Trayvon Martin's mom: It was my son screaming

Day 19 of the George Zimmerman murder trial began emotionally, with Trayvon Martin's mom, Sybrina Fulton, taking the stand to say the person screaming on a recorded 911 call was 'Trayvon Benjamin Martin.'

Gary W. Green/Orlando Sentinel/AP
Trayvon Martin's mother, Sybrina Fulton, takes the stand during George Zimmerman's trial in Seminole circuit court, Friday in Sanford, Fla. Mr. Zimmerman has been charged with second-degree murder for the 2012 shooting death of Trayvon Martin.

A mother’s unique knowledge, and also her potential prejudice, was up for jurors' consideration in the George Zimmerman trial on Friday, as the mother of slain teenager Trayvon Martin testified that it was her son who screamed in panic before a shot rang out, killing him.

Her testimony came on Day 19 of a second-degree murder trial that has captivated America, in part because of the emotions that stirred it into a national story: a sense of injustice raised by Martin’s family when local police let Mr. Zimmerman go, saying they couldn’t counter his claims of self-defense.

Trayvon was unarmed and carrying some candy back to where his father was staying in Sanford, Fla., when Zimmerman, a neighborhood watch captain, followed him, got into an altercation, and ended up shooting Trayvon in February 2012.

A snippet of a 911 call to report an altercation inside the gated Retreat at Twin Lakes neighborhood recorded a scream and then the fatal shot. The identity of the person screaming is critical to the case, because it would shine light on whether it was Trayvon or Zimmerman who was the aggressor before the shot rang out.

Judge Debra Nelson has excluded most of the contradictory expert analysis about whose voice could be heard screaming, so the identification now falls to those who knew Trayvon best, including his mother, Sybrina Fulton, and his half-brother, Jahvaris Fulton. Zimmerman’s father, Robert Zimmerman, has identified the voice as that of his son.

When asked whose voice she believed to be on the recording, Ms. Fulton replied, “Trayvon Benjamin Martin.”

Defense attorney Mark O’Mara suggested that Fulton may have heard what she wanted to hear, which she denied. His client has claimed that he shot the teenager in self-defense after Travyon attacked him.

“You certainly hope, as a mom … that your son, Trayvon, would not have done anything that would have led to his own death,” Mr. O’Mara said.

“I hoped that this would never have happened and he would still be here,” she replied.

When O’Mara rephrased the question to say that Fulton “held out hope” that “Trayvon Martin was in no way responsible for his own death,” she replied, “I don’t believe he was.”

As the prosecution begins to wrap up its case, the demeanor of a dignified Fulton, a civil servant in Miami, could leave an impression on the jury of six women, five of whom are mothers. The appearance of Trayvon’s family as upstanding, middle-class Americans could contradict the defense’s suggestions that Trayvon was capable of violence, adding to Judge Nelson's decision to bar as evidence social media conversations and photos that depict Trayvon smoking pot and talking about mixed martial arts fighting.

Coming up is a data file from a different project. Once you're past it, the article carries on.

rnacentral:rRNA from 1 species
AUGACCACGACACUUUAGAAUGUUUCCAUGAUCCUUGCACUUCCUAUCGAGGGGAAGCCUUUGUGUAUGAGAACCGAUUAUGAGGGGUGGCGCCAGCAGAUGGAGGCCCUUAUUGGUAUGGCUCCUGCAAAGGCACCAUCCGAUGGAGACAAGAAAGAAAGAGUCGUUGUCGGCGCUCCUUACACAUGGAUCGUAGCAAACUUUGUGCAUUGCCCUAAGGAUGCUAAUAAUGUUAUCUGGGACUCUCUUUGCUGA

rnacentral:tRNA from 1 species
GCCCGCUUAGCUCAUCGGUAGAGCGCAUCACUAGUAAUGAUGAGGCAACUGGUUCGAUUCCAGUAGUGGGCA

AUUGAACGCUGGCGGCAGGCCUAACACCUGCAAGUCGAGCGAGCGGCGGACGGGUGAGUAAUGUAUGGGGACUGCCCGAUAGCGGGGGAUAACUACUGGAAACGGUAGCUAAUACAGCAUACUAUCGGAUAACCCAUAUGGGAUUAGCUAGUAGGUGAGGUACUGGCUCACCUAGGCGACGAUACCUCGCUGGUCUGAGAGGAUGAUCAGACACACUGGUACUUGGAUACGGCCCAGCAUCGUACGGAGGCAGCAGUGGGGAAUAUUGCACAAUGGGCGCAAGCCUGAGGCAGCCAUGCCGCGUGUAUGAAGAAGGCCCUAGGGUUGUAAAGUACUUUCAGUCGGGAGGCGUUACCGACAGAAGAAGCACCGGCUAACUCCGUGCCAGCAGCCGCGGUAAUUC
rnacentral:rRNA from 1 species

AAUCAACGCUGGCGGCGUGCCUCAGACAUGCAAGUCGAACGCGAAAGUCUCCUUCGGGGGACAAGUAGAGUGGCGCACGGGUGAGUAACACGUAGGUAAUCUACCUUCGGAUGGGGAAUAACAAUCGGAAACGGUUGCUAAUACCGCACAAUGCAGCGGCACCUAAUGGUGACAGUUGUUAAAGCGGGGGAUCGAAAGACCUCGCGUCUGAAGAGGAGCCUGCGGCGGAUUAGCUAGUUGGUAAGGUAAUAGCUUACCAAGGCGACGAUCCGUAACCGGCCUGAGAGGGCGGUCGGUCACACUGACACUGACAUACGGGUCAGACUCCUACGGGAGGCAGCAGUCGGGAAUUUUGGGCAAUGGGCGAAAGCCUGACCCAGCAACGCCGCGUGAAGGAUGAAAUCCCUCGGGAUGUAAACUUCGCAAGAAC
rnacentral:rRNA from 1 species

The clashing images of Trayvon also came into focus in a conversation about two tattoos the teenager had. Fulton said one tattoo was two praying hands, the other was her name.

Trayvon’s half-brother, Jahvaris Fulton, also took the stand Friday. A senior at Florida International University in Miami, Mr. Fulton told the jury he grew up with Trayvon Martin, who has a different biological father, in Miami, and that the two were “very close.”

In the days after first hearing the tape, Fulton said he wasn’t sure who was screaming but has since come to believe that it was his brother. “I’d heard him yell before, but not like that,” he told the jury.

He explained his early indecision by saying he was in denial about his brother’s death.

“I guess it was listening, listening to it was clouded by shock and denial and sadness,” Fulton testified. “I didn’t really want to believe that it was him.”

Orlando attorney Bill Shaeffer told WFTV Channel 9 on Friday that Sybrina Fulton’s “grace and dignity” represented a key moment in the trial. “How could you not help but identify with her anguish?” he said.

But he added, “It has to be uncomfortable for the jury, to divorce themselves from the emotion in doing their job, and just base their verdict on the evidence and the facts that are presented to them. They know that … they may not obviously reach the verdict that Trayvon’s mom feels that they should reach.”

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